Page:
If it’s not trad, he ain’t glad. James Stevens Curl gets a lot of modernism off his chest in Making Dystopia
All modernism is bad. It has been a disaster, a catastrophe. It’s all barbaric, whether it’s the late 1920s Villa Savoye by Le Corbusier with its devilish horizontal window bands and pilotis, or some shapeist bit of 21st century starchitecture by Libeskind or OMA or whoever. The fact that modernism has been on the go for a century or more, with all manner of stylistic and regional variations by all manner of architects, that it has itself become historic and worthy of preservation and listing, matters not a jot. The allegedly wholesale abandonment of traditional architecture and the seemingly baffling global adoption of modernism ushered in all manner of horrible things, possibly including the various conflicts in the Middle East. Oh, and the Nazis weren’t always anti-modernist. As for the Bauhaus – nest of vipers, and did you know that some of its alumni helped design the death camps?
This is the flavour of James Stevens Curl’s latest book, an (obviously) anti-modernist diatribe that has very much a goodbye-to-all-that feel to it, a signing off. Curl, now 81, is a distinguished architectural historian and we are all very much in his debt for, among much else, his editorship of the indispensable Oxford Dictionary of Architecture. Perhaps because of this his editors at Oxford, assuming there were any, appear not to have touched his text which doesn’t half ramble on and repeat itself. If this book HAS been edited, goodness knows what state it was in before. It’s all isn’t-it-appalling outrage which he attempts to justify through exhaustive and exhausting scholarship. And yes, there is solid scholarship here, evidenced by the fact that fully a quarter of the book consists of notes, glossary, bibliography, index. For instance his account of the Bauhaus is a good concise history of that influential institution, and of its progenitor Gropius whom he naturally loathes as a prophet of modernism.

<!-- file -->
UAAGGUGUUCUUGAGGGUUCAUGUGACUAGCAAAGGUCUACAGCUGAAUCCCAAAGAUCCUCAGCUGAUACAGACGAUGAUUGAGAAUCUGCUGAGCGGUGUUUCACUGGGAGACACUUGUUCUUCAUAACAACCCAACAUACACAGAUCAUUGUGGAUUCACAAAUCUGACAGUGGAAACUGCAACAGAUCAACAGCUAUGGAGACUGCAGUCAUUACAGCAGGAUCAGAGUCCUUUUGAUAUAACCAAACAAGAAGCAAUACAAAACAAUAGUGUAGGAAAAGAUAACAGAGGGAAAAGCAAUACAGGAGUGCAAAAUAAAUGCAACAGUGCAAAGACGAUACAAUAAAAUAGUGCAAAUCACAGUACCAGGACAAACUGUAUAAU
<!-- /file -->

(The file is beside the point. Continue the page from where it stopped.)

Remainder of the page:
Occasionally Curl lets his guard slip a little and sounds as if he is becoming slightly drawn to some aspects of the genre. He is somewhat on the side of Erich Mendelsohn, for instance: less so for his sleek architecture with its curvilinear motifs than for the fact that he was not considered International Style enough for Philip Johnson and Henry- Russell Hitchcock in their 1932 exhibition of that name at the then-new Museum of Modern Art in New York. Though Curl does have an evident soft spot for Johnson, despite or because of his gadfly style-shifting dilettantism, attraction to Nazism, etc. Of course attempts by some German modernist architects to find an accommodation with the Nazi regime, Mies among them, are condemned. But they can’t win because when they finally escape the regime they carry the poison of modernism with them, and this modernism comes to be seen as anti-Nazi and so is widely adopted post-war. And this is naturally bad.
He dismisses Ruskin because he disliked the Baroque on the grounds of lack of ‘truthfulness’